Course Timetable for Wednesday: Fall of 2013

Morning Courses

1100 to 1300

SAP2112HF  L0101

Introduction to Liturgy of Roman Rite

Offered in Fall 2013  ·  Previously offered in Summer 2013 · Toronto (St. George Campus) Site

This course will investigate the sacramental celebrations, the liturgy of the hours and the liturgical year of the Roman Rite from their historical, theological, spiritual and pastoral dimension. Requirements: class attendance, short papers and final exam.

Schedule: Wednesday, 1100 to 1300
Instructors: John-Mark Missio
Teaching Methods: Lectures
Other Information: First Semester · One Credit

09:00 to 11:00

RGT5239HF  L0101

Kenosis

Offered in Fall 2013  ·  Previously offered in Winter 2012 · Toronto (St. George Campus) Site

Explores Christian Kenosis as an expression of the unconditional love of God made known in Christ. Here the mutual relations of self-giving in the Trinity may be reflected in the lives of human persons. Of key significance is Hans Urs von Balthasar's appreciation of the paschal mystery. Also in dialogue are: Sarah Coakley, John Paul II and Thomas Merton. Lectures, discussion, class presentations, research paper, one short paper and a research paper.

Schedule: Wednesday, 09:00 to 11:00
Instructors: Gill Goulding
Teaching Methods: Lectures
Other Information: First Semester · One Credit · Max: 22

9:00 to 11:00

SAP2708HF  L0101

Pastoral Norms: Sacraments

Offered in Fall 2013  ·  Previously offered in Fall 2012 · Toronto (St. George Campus) Site

Study of the sacramental life of the Church as legislated in Book IV of the Code of Canon Law, The Office of Sanctifying in the Church. Special focus on the pastoral application of the Sacraments. Theological and legislative sources of the canons; canons treating the Sacraments of Initiation, Reconciliation, and Anointing of the Sick, as well as other acts of divine worship. Class participation, oral exam.

Schedule: Wednesday, 9:00 to 11:00
Instructors: Ivan P. Camilleri
Teaching Methods: Lectures
Other Information: First Semester · One Credit · Min: 8
WYP2118HF  L0101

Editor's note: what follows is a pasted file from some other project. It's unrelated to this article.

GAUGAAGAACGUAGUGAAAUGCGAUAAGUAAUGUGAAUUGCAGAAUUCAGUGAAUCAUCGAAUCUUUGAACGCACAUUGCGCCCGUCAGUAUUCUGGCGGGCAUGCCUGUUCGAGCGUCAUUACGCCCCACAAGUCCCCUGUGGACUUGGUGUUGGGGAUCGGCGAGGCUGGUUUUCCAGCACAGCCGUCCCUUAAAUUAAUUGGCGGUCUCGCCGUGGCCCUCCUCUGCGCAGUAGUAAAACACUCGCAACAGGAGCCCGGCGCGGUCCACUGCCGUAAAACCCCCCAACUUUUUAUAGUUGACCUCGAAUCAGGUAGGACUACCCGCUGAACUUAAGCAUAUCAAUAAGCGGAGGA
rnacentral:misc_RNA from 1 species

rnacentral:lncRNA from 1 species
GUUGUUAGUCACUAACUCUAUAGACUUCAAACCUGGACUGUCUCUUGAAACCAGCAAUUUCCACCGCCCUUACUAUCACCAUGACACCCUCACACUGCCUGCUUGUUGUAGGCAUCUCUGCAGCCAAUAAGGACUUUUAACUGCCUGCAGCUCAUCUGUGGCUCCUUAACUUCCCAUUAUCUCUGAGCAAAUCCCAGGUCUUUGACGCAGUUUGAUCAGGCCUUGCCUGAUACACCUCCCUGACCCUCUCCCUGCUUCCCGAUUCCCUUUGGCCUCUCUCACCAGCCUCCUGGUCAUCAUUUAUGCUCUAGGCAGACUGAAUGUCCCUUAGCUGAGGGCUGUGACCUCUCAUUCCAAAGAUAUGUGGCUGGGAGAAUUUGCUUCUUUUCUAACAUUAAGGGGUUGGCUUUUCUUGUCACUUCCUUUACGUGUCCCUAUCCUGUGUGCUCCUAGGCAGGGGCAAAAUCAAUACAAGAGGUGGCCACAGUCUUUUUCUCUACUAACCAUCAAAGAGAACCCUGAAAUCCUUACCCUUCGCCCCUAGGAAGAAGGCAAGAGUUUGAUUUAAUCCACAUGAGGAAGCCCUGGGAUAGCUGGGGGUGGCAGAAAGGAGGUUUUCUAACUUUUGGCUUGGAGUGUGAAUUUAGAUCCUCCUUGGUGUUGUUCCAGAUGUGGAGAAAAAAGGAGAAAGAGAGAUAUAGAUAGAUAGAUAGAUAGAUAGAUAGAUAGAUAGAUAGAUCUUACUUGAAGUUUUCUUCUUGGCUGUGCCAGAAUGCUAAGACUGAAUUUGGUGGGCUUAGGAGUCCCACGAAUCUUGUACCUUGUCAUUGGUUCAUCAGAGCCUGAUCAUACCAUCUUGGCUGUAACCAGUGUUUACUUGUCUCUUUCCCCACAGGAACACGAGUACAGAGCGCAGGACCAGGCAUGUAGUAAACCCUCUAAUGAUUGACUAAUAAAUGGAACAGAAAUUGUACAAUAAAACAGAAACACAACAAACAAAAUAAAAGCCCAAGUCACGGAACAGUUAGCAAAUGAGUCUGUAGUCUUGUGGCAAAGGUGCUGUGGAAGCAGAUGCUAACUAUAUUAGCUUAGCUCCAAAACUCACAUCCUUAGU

Anglican Liturgics

Offered in Fall 2013  ·  Previously offered in Winter 2012 · Toronto (St. George Campus) Site

An introduction to the art of planning and leading the liturgy, including pastoral offices, in the Anglican Church of Canada. Acquaintance with the current liturgical trends in the Anglican Church of Canada and with general principles of liturgical leadership. Ability to plan Morning Prayer and Holy Communion according to the Book of Common Prayer and the Book of Alternative Services. Tutorial. W 11-12. Class sessions include lectures, discussion and student field reports. Class participation, readings, multiple choice exam.

Schedule: Wednesday, 9:00 to 11:00
Instructors: F. Dean Mercer
Other Information: First Semester · One Credit
Enrollment Notes: Tutorial to follow class from 11:00 to 12 noon
TRT5948HF  L0101

Critical Theory of Religion from a Psychoanalytic Perspective

Offered in Fall 2013  ·  Previously offered in Fall 2012 · Toronto (St. George Campus) Site

Inquiry into the role and meaning of religion in a post/metaphysical, post/secular time within the frameworks of critical theory, psychoanalysis and ethics. Authors include Horkheimer, Adorno, Benjamin, Freud, Habermas and their theological/religious interlocutors, i.e. Charles Davis, Elisabeth Schuessler Fiorenza, Hent de Vries. Major paper.

Schedule: Wednesday, 9:00 to 11:00
Instructors: Marsha A. Hewitt
Teaching Methods: Lectures
Other Information: First Semester · One Credit
Additional Notes: Location: Larkin Building, room 248
EMH6371HF  L0101

Varieties of North American Christianity

Offered in Fall 2013  ·  Previously offered in Winter 2012 · Toronto (St. George Campus) Site

Topics for the seminar will vary from year to year but will focus on issues related to approaches to spiritual formation and the relationships between individual experience, social transformation, and institutional identity in North American contexts. Seminar format involving student leadership; discussion of assigned readings, presentation of research.

Basic Degree students enrol in EMH3371HF.

Schedule: Wednesday, 9:00 to 11:00
Instructors: Phyllis D. Airhart
Other Information: First Semester · One Credit

AttachmentSize
EMH33716371 syl13.pdf125.8 KB
EMH3371HF  L0101

Varieties of North American Christianity

Offered in Fall 2013  ·  Previously offered in Winter 2012 · Toronto (St. George Campus) Site